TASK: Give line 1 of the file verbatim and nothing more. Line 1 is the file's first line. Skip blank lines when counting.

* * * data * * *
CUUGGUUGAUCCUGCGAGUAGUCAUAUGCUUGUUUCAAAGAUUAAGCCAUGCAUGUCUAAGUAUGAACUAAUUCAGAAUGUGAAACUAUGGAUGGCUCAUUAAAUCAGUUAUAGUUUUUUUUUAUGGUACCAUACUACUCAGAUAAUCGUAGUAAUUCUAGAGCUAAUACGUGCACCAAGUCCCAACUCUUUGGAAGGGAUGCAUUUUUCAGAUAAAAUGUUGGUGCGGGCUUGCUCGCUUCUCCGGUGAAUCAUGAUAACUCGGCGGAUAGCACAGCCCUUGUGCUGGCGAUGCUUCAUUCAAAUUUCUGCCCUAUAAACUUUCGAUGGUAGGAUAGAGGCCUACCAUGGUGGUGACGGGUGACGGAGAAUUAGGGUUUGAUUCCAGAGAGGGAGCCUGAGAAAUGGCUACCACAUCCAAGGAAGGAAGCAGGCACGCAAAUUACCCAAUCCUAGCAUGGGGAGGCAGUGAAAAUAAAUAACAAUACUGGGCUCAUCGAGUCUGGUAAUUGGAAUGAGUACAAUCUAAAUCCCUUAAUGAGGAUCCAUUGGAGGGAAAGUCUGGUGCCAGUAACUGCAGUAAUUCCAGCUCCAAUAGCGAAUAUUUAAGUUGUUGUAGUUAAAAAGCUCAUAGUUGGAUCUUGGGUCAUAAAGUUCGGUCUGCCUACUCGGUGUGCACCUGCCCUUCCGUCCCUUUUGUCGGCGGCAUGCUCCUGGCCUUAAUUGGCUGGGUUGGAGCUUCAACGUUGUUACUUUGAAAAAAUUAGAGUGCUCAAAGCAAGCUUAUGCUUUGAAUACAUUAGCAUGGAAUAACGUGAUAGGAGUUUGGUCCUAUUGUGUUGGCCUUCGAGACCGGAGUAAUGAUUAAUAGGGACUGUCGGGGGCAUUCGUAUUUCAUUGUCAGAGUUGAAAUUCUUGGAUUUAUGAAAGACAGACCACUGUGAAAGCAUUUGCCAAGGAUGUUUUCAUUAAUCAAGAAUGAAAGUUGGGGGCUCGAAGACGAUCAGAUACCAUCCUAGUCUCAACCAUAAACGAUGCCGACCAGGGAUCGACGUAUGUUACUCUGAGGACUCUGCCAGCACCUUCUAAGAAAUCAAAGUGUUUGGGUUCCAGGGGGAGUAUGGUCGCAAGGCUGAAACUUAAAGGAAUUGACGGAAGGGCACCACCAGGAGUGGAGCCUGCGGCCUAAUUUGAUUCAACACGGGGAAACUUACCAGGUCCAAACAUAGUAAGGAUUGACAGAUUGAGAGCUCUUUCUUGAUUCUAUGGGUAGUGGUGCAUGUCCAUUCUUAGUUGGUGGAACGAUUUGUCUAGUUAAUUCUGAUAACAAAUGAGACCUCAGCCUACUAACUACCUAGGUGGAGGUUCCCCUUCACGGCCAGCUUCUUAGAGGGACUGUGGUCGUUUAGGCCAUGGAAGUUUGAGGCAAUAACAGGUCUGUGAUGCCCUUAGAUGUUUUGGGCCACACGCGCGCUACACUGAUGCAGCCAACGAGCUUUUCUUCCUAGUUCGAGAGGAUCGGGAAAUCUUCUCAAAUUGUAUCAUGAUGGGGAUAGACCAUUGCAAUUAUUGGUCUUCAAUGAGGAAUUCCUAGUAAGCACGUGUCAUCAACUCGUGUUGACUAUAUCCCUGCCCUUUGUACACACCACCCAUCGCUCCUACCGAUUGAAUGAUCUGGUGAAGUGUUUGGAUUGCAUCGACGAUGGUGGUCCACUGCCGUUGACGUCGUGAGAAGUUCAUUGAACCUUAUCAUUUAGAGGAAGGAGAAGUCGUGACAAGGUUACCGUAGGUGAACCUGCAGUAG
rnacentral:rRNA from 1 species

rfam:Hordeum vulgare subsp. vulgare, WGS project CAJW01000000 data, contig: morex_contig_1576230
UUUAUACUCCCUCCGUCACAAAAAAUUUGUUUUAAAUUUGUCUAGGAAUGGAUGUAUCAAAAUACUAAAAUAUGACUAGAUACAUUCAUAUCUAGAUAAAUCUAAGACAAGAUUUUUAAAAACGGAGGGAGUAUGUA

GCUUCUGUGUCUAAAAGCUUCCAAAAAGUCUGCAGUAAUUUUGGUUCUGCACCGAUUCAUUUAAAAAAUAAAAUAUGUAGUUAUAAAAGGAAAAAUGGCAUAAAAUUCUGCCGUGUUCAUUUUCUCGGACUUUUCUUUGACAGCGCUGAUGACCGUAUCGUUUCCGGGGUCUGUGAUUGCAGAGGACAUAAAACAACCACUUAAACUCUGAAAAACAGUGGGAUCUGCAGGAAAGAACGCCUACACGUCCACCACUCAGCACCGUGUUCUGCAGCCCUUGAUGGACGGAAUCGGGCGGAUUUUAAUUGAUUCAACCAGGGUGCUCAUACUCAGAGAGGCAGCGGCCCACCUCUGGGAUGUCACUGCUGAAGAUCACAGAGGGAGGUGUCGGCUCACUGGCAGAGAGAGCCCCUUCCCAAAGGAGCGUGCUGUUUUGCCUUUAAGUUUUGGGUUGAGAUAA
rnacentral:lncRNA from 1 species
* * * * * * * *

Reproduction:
CUUGGUUGAUCCUGCGAGUAGUCAUAUGCUUGUUUCAAAGAUUAAGCCAUGCAUGUCUAAGUAUGAACUAAUUCAGAAUGUGAAACUAUGGAUGGCUCAUUAAAUCAGUUAUAGUUUUUUUUUAUGGUACCAUACUACUCAGAUAAUCGUAGUAAUUCUAGAGCUAAUACGUGCACCAAGUCCCAACUCUUUGGAAGGGAUGCAUUUUUCAGAUAAAAUGUUGGUGCGGGCUUGCUCGCUUCUCCGGUGAAUCAUGAUAACUCGGCGGAUAGCACAGCCCUUGUGCUGGCGAUGCUUCAUUCAAAUUUCUGCCCUAUAAACUUUCGAUGGUAGGAUAGAGGCCUACCAUGGUGGUGACGGGUGACGGAGAAUUAGGGUUUGAUUCCAGAGAGGGAGCCUGAGAAAUGGCUACCACAUCCAAGGAAGGAAGCAGGCACGCAAAUUACCCAAUCCUAGCAUGGGGAGGCAGUGAAAAUAAAUAACAAUACUGGGCUCAUCGAGUCUGGUAAUUGGAAUGAGUACAAUCUAAAUCCCUUAAUGAGGAUCCAUUGGAGGGAAAGUCUGGUGCCAGUAACUGCAGUAAUUCCAGCUCCAAUAGCGAAUAUUUAAGUUGUUGUAGUUAAAAAGCUCAUAGUUGGAUCUUGGGUCAUAAAGUUCGGUCUGCCUACUCGGUGUGCACCUGCCCUUCCGUCCCUUUUGUCGGCGGCAUGCUCCUGGCCUUAAUUGGCUGGGUUGGAGCUUCAACGUUGUUACUUUGAAAAAAUUAGAGUGCUCAAAGCAAGCUUAUGCUUUGAAUACAUUAGCAUGGAAUAACGUGAUAGGAGUUUGGUCCUAUUGUGUUGGCCUUCGAGACCGGAGUAAUGAUUAAUAGGGACUGUCGGGGGCAUUCGUAUUUCAUUGUCAGAGUUGAAAUUCUUGGAUUUAUGAAAGACAGACCACUGUGAAAGCAUUUGCCAAGGAUGUUUUCAUUAAUCAAGAAUGAAAGUUGGGGGCUCGAAGACGAUCAGAUACCAUCCUAGUCUCAACCAUAAACGAUGCCGACCAGGGAUCGACGUAUGUUACUCUGAGGACUCUGCCAGCACCUUCUAAGAAAUCAAAGUGUUUGGGUUCCAGGGGGAGUAUGGUCGCAAGGCUGAAACUUAAAGGAAUUGACGGAAGGGCACCACCAGGAGUGGAGCCUGCGGCCUAAUUUGAUUCAACACGGGGAAACUUACCAGGUCCAAACAUAGUAAGGAUUGACAGAUUGAGAGCUCUUUCUUGAUUCUAUGGGUAGUGGUGCAUGUCCAUUCUUAGUUGGUGGAACGAUUUGUCUAGUUAAUUCUGAUAACAAAUGAGACCUCAGCCUACUAACUACCUAGGUGGAGGUUCCCCUUCACGGCCAGCUUCUUAGAGGGACUGUGGUCGUUUAGGCCAUGGAAGUUUGAGGCAAUAACAGGUCUGUGAUGCCCUUAGAUGUUUUGGGCCACACGCGCGCUACACUGAUGCAGCCAACGAGCUUUUCUUCCUAGUUCGAGAGGAUCGGGAAAUCUUCUCAAAUUGUAUCAUGAUGGGGAUAGACCAUUGCAAUUAUUGGUCUUCAAUGAGGAAUUCCUAGUAAGCACGUGUCAUCAACUCGUGUUGACUAUAUCCCUGCCCUUUGUACACACCACCCAUCGCUCCUACCGAUUGAAUGAUCUGGUGAAGUGUUUGGAUUGCAUCGACGAUGGUGGUCCACUGCCGUUGACGUCGUGAGAAGUUCAUUGAACCUUAUCAUUUAGAGGAAGGAGAAGUCGUGACAAGGUUACCGUAGGUGAACCUGCAGUAG